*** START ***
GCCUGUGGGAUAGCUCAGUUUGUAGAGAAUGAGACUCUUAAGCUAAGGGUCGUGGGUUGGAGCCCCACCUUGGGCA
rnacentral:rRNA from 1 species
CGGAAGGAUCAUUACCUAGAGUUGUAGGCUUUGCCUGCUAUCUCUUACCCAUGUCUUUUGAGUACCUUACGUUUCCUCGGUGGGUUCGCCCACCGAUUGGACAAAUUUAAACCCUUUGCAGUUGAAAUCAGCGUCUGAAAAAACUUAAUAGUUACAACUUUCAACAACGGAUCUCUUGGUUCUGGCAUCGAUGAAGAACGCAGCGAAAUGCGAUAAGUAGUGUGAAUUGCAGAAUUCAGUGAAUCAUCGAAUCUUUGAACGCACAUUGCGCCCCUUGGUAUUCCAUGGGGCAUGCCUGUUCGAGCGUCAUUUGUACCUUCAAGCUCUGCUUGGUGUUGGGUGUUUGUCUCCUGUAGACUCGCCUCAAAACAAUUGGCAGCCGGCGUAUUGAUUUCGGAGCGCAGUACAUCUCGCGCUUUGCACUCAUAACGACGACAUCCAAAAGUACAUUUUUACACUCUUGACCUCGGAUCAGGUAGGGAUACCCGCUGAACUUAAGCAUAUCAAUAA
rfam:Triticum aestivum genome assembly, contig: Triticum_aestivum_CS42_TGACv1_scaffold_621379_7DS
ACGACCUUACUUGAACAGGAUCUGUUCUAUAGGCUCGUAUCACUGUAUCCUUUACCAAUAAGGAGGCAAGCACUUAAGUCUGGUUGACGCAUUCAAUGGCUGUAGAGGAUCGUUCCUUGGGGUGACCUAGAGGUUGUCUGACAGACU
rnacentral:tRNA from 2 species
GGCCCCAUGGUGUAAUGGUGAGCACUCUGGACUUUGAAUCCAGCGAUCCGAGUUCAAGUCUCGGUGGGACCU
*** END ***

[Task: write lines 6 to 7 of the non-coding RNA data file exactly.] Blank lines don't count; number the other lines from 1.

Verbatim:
rnacentral:tRNA from 2 species
GGCCCCAUGGUGUAAUGGUGAGCACUCUGGACUUUGAAUCCAGCGAUCCGAGUUCAAGUCUCGGUGGGACCU